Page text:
BY GERARD NAVAL and VICTOR REYES
THE Department of Health yesterday told administrators of COVID-19 vaccination sites they will be held accountable if individuals who are not in the priority list of vaccine recipients are inoculated in their areas.
This developed as the Department of Interior and Local Government said it is looking into the case of four mayors who got themselves inoculated ahead of frontline health workers.
One of the mayors, Alfred Romualdez of Tacloban City, was shown on pictures and a video posted on his Facebook account receiving the jab on Monday. The video caption said Romualdez, “a COVID-19 survivor,” was inoculated with the vaccine made by Sinovac Biotech by a “DOH nurse at the City Health Office.”
Romualdez said that as a mayor, he is also a frontliner, and he did it to encourage others to get the shot.
The national vaccination program which started on March 1 lists frontline medical workers as among the top priority.
There are about 1.7 million health workers as against the current supply of about 1.1 million doses, composed of 600,000 doses of Sinovac vaccines, which were donated by China, and almost 500,000 doses of vaccines made by the British-Swedish firm AstraZeneca Plc.
Both vaccines are administered in two doses per person.
The AstraZeneca vaccines came from the World Health Organization-led COVAX Facility, a global vaccine-sharing initiative. The WHO has warned the Philippines that its allocations under COVAX might be jeopardized if the vaccines are given to non-medical frontliners.
Interior Undersecretary for operations Epimaco Densing said the department is looking into the case of Romualdez and three other mayors he did not identify.
“I’ll just have these allegations verified before we issue the SCOs (show-cause orders) to at least four mayors,” he said.
Dr Nikka Hao, head of the DOH Disease Prevention and Control Bureau, said in a press briefing that those in charge of the vaccine rollout will be held accountable if there will be incidents of line jumpers.
“As for our policy, the accountability lies with the head of the institution. That means, the head of the hospital if it is healthcare workers, or the local government units,” said Hao.
“They are to be made accountable for the lapses in the prioritization framework,” she added.
Hao said incidents of non-priority individuals getting vaccinated are being reported and investigated.
She stressed the priority list must be followed or the Philippines could lose its COVAX allocations.
“Not doing such will risk us not receiving future supplies, not only from COVAX but even in our other engagements,” she said. “This is all part of the agreements that we have to follow under the national vaccination deployment plan.”
Aside from the four mayors, other local government officials recently said they have been vaccinated.
Presidential spokesman Harry Roque said vaccination priorities have not changed and it should still be the medical frontliners who should be vaccinated first.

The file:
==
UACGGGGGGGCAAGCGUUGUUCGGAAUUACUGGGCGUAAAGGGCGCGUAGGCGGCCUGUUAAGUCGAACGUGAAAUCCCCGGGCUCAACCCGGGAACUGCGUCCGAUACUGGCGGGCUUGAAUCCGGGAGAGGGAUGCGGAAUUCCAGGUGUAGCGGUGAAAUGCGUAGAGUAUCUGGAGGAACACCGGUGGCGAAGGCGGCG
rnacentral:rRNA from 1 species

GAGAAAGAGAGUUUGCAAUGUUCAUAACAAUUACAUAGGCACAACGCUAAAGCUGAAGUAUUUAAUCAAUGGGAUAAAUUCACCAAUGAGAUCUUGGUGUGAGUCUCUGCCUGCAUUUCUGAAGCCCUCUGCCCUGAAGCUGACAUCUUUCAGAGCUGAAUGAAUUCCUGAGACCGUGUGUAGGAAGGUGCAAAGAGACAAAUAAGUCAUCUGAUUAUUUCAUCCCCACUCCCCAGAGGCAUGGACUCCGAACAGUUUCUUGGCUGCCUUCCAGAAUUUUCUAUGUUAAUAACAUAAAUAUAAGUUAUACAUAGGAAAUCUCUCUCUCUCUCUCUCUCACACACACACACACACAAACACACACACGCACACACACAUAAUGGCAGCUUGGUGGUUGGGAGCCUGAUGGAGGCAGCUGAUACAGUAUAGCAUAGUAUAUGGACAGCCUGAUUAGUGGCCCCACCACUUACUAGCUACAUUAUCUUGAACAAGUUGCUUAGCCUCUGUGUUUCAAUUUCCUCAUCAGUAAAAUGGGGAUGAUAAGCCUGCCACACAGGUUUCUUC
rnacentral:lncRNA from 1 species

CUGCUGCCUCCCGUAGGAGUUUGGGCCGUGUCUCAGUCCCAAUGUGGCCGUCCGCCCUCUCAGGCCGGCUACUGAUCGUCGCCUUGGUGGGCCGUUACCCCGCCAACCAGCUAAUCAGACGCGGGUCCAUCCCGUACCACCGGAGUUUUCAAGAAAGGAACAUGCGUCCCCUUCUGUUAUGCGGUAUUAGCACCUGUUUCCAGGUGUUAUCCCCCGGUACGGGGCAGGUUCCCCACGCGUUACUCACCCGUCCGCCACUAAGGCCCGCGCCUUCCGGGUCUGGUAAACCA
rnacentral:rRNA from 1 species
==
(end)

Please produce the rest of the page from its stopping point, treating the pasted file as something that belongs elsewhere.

Vaccine czar Carlito Galvez Jr. said Monday night said government is considering the simultaneous inoculation of different priority sectors, including senior citizens, those with comorbidities, and economic and service frontliners, in the vaccination program, once more vaccines arrive
In a briefing on Tuesday, he said the Interim National Immunization Technical Advisory Group (iNITAG) will meet today to discuss, among others, the priority sectors for vaccines that would start arriving this week including the additional 400,000 doses of Sinovac.
Galvez reported to President Duterte and the Interagency Task Force for the Management of Emerging Infectious Diseases (IATF) on Monday night that the United States, Israel and Indonesia have sped up their vaccination rollout after they started vaccinating other sectors alongside the inoculation of their health workers.
He said the US, after inoculating 11 percent of its healthcare workers, expanded the vaccination to the other sectors of the population such as the essential workers and those ages between 16 to 64 years old who has medical conditions and has now vaccinated more than 75 million. Israel, he said, started inoculating their population by age after vaccinating 50 percent of healthcare workers.
Galvez, on Tuesday, said the inoculation of the other sectors is most likely to happen by May but the iNITAG will discuss this further to speed up the program.
The country expects to receive some 2.4 million doses of Sinovac and AstraZeneca this month; 5.5 million doses from Sinovac, Gamaleya, and COVAX next month; 8.974 million doses in May from Sinovac, Gamaleya, AstraZeneca, Moderna and under the COVAX; and 11.5 million doses in June from Sinovac, Gamaleya, AstraZeneca and Novovax.
President Duterte reiterated that borrowed funds for the vaccination funds are still with lending banks which will directly release the money to the manufacturers once delivery of vaccines are set.
The President made the statement as he insisted that there is no corruption in the vaccination purchase and that some government critics are only trying to use the issue to score political points.
Finance Secretary Carlos Dominguez III, who said he already wrote a letter to the Senate to explain the vaccine procurement process and the government’s anti-COVID efforts, reiterated the government allocated P82.5 billion for the total financing for vaccine procurement, logistics and other supplies including waste disposal.
He said the country’s vaccination rollout is funded through a P2.5-billion budget from the Department of Health budget and a P10-billion allocation from the Bayanihan 2, as well as financing from the World Bank with worth P24.3 billion, Asian Development Bank worth P19.5 billion, and Asian Infrastructure Investment Bank worth P14.6 billion.
He said additional funds needed for the vaccination program will be sourced from the government savings and official development assistance. – With Jocelyn Montemayor